Providing additional procedures for people with learning disabilities receiving dental treatment under general anaesthesia
Intended for healthcare professionals
CPD    

Providing additional procedures for people with learning disabilities receiving dental treatment under general anaesthesia

Bethany Lasky Dental core trainee in maxillofacial surgery, Prince Charles Hospital, Merthyr Tydfil, Wales, formerly foundation dentist, East Surrey Hospital, Redhill, England
Mili Doshi Consultant in special care dentistry, dental and maxillofacial department, East Surrey Hospital, Redhill, England
Natalie Bradley Specialist in special care dentistry, dental and maxillofacial department, East Surrey Hospital, Redhill, England
Afolake Bewaji Consultant anaesthetist, dental and maxillofacial department, East Surrey Hospital, Redhill, England

Why you should read this article:
  • To understand the need for special care dentistry services for people with learning disabilities

  • To recognise the role of the learning disability nurse in supporting people undergoing multiple procedures under one general anaesthetic

  • To contribute towards revalidation as part of your 35 hours of CPD (UK readers)

  • To contribute towards your professional development and local registration renewal requirements (non-UK readers)

People with learning disabilities are known to experience barriers to accessing medical interventions, which contributes to the health inequalities experienced by this population. Dental care under general anaesthesia is sometimes indicated for people with learning disabilities to enable treatments to be carried out in their best interests. Some people may benefit from having additional procedures, such as blood tests, while under a single general anaesthetic for dental treatment. This article discusses some of the benefits of having multiple procedures under a single anaesthetic and describes a multidisciplinary process to facilitate this, including the role of the learning disability nurse. The article also discusses the importance of assessing clients’ mental capacity and best interests decision-making.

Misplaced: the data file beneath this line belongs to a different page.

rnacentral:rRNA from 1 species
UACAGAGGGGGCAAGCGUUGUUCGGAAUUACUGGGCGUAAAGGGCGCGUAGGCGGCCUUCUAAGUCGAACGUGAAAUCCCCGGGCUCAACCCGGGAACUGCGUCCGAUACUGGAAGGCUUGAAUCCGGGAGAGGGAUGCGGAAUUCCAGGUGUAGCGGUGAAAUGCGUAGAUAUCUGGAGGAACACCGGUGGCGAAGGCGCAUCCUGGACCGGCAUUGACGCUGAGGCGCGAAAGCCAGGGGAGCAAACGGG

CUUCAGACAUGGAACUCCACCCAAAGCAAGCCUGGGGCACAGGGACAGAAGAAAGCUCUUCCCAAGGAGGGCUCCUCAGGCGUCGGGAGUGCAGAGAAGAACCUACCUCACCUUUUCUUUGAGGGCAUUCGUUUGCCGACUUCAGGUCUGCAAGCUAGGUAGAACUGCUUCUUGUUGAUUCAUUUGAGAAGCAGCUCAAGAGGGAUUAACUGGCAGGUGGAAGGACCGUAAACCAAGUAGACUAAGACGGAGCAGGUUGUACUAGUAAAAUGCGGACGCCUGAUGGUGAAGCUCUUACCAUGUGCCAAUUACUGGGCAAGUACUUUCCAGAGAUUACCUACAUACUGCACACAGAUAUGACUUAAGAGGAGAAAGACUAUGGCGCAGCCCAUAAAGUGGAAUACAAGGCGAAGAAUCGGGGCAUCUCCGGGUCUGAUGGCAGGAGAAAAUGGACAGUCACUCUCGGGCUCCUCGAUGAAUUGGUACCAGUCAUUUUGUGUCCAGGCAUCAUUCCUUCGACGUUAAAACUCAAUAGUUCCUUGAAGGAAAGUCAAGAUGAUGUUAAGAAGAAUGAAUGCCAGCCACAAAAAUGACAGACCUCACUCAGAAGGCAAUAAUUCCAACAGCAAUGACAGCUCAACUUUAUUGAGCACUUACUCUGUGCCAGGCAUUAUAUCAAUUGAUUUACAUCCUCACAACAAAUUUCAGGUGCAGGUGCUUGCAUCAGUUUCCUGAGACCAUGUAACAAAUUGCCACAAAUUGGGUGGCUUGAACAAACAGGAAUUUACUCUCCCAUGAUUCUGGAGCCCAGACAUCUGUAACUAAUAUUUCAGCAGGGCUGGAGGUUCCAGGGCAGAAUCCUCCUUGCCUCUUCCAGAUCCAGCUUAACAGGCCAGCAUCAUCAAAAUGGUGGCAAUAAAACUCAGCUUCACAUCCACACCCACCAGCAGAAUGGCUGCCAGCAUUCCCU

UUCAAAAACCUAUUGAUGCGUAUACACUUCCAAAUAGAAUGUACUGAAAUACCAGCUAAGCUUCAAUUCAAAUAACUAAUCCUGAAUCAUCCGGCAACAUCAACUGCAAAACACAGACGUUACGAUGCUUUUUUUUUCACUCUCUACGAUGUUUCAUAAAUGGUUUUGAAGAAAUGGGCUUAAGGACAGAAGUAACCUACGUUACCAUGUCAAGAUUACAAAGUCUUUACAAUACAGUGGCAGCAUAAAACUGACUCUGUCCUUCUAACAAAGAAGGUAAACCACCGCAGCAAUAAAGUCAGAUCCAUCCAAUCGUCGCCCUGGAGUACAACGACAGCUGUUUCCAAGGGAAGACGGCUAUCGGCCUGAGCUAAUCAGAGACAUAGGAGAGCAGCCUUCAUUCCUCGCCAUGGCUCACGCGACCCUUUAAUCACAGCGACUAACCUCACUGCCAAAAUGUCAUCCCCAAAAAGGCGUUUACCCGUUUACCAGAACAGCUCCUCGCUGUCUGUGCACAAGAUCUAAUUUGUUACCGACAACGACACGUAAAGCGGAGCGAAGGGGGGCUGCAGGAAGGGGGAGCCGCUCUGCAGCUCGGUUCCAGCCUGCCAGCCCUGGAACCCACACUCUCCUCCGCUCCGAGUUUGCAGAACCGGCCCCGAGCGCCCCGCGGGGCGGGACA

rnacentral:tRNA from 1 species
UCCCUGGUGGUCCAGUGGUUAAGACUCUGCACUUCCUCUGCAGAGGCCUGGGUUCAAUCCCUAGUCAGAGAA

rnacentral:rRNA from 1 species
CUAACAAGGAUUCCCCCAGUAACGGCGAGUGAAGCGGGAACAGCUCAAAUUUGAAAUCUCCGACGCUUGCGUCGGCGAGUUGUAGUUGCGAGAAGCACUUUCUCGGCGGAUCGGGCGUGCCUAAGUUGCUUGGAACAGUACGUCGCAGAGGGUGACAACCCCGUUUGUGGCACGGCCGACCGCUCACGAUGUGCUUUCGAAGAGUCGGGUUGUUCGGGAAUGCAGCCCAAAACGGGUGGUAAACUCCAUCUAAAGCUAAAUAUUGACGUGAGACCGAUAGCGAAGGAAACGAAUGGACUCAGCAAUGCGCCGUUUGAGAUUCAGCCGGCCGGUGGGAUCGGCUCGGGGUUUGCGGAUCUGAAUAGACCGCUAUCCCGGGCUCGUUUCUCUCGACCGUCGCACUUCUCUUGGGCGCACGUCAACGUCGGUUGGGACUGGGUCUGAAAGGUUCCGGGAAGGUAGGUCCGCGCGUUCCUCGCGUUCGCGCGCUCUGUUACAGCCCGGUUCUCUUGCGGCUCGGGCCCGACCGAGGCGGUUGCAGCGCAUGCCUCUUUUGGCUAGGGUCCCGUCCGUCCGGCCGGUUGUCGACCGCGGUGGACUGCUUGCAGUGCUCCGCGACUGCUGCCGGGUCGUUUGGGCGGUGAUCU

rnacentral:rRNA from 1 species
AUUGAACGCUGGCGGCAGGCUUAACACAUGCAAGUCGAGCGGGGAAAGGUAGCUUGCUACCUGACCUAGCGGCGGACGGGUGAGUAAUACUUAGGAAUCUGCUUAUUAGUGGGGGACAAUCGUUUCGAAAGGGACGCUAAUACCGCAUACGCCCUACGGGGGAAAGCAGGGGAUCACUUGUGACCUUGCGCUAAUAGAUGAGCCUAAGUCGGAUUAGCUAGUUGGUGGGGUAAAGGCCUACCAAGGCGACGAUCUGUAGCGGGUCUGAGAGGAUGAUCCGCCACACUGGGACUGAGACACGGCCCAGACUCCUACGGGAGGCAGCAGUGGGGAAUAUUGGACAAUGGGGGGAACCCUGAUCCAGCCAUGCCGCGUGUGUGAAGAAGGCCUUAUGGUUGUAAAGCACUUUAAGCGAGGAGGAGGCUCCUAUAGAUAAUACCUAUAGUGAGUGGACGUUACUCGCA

Learning Disability Practice. doi: 10.7748/ldp.2022.e2188

Peer review

This article has been subject to external double-blind peer review and checked for plagiarism using automated software

Correspondence

bethany.lasky@nhs.net

Conflict of interest

None declared

Lasky B, Doshi M, Bradley N et al (2022) Providing additional procedures for people with learning disabilities receiving dental treatment under general anaesthesia. Learning Disability Practice. doi: 10.7748/ldp.2022.e2188

Acknowledgements

The authors wish to thank the team at East Surrey Hospital dental department who contributed to the data collection in their service evaluation

Published online: 10 November 2022

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